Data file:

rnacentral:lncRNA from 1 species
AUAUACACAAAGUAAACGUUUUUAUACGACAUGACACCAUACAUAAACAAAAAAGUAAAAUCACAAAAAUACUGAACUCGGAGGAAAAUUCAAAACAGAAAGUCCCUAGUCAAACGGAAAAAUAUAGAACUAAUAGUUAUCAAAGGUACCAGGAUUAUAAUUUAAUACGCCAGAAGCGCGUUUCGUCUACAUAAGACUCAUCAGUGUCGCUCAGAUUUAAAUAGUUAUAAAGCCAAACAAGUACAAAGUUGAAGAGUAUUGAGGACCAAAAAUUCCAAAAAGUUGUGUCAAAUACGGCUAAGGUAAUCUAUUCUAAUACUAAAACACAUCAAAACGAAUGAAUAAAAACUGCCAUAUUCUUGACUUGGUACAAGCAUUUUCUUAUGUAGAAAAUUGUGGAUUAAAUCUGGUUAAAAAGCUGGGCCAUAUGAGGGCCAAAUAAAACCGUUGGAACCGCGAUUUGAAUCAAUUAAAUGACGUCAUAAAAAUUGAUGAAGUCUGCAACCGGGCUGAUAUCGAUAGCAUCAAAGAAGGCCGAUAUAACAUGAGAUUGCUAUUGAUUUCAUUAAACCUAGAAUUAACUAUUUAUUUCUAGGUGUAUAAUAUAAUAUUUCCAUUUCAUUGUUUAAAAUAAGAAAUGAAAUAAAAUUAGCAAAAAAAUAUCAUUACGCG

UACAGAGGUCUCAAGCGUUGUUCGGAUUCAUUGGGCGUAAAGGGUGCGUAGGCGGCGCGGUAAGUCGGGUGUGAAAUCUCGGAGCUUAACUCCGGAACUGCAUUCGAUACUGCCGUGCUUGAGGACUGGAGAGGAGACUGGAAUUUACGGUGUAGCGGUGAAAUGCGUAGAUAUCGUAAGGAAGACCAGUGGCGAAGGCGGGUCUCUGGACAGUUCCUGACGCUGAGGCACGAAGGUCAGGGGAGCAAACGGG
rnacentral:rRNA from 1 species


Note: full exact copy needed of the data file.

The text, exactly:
rnacentral:lncRNA from 1 species
AUAUACACAAAGUAAACGUUUUUAUACGACAUGACACCAUACAUAAACAAAAAAGUAAAAUCACAAAAAUACUGAACUCGGAGGAAAAUUCAAAACAGAAAGUCCCUAGUCAAACGGAAAAAUAUAGAACUAAUAGUUAUCAAAGGUACCAGGAUUAUAAUUUAAUACGCCAGAAGCGCGUUUCGUCUACAUAAGACUCAUCAGUGUCGCUCAGAUUUAAAUAGUUAUAAAGCCAAACAAGUACAAAGUUGAAGAGUAUUGAGGACCAAAAAUUCCAAAAAGUUGUGUCAAAUACGGCUAAGGUAAUCUAUUCUAAUACUAAAACACAUCAAAACGAAUGAAUAAAAACUGCCAUAUUCUUGACUUGGUACAAGCAUUUUCUUAUGUAGAAAAUUGUGGAUUAAAUCUGGUUAAAAAGCUGGGCCAUAUGAGGGCCAAAUAAAACCGUUGGAACCGCGAUUUGAAUCAAUUAAAUGACGUCAUAAAAAUUGAUGAAGUCUGCAACCGGGCUGAUAUCGAUAGCAUCAAAGAAGGCCGAUAUAACAUGAGAUUGCUAUUGAUUUCAUUAAACCUAGAAUUAACUAUUUAUUUCUAGGUGUAUAAUAUAAUAUUUCCAUUUCAUUGUUUAAAAUAAGAAAUGAAAUAAAAUUAGCAAAAAAAUAUCAUUACGCG

UACAGAGGUCUCAAGCGUUGUUCGGAUUCAUUGGGCGUAAAGGGUGCGUAGGCGGCGCGGUAAGUCGGGUGUGAAAUCUCGGAGCUUAACUCCGGAACUGCAUUCGAUACUGCCGUGCUUGAGGACUGGAGAGGAGACUGGAAUUUACGGUGUAGCGGUGAAAUGCGUAGAUAUCGUAAGGAAGACCAGUGGCGAAGGCGGGUCUCUGGACAGUUCCUGACGCUGAGGCACGAAGGUCAGGGGAGCAAACGGG
rnacentral:rRNA from 1 species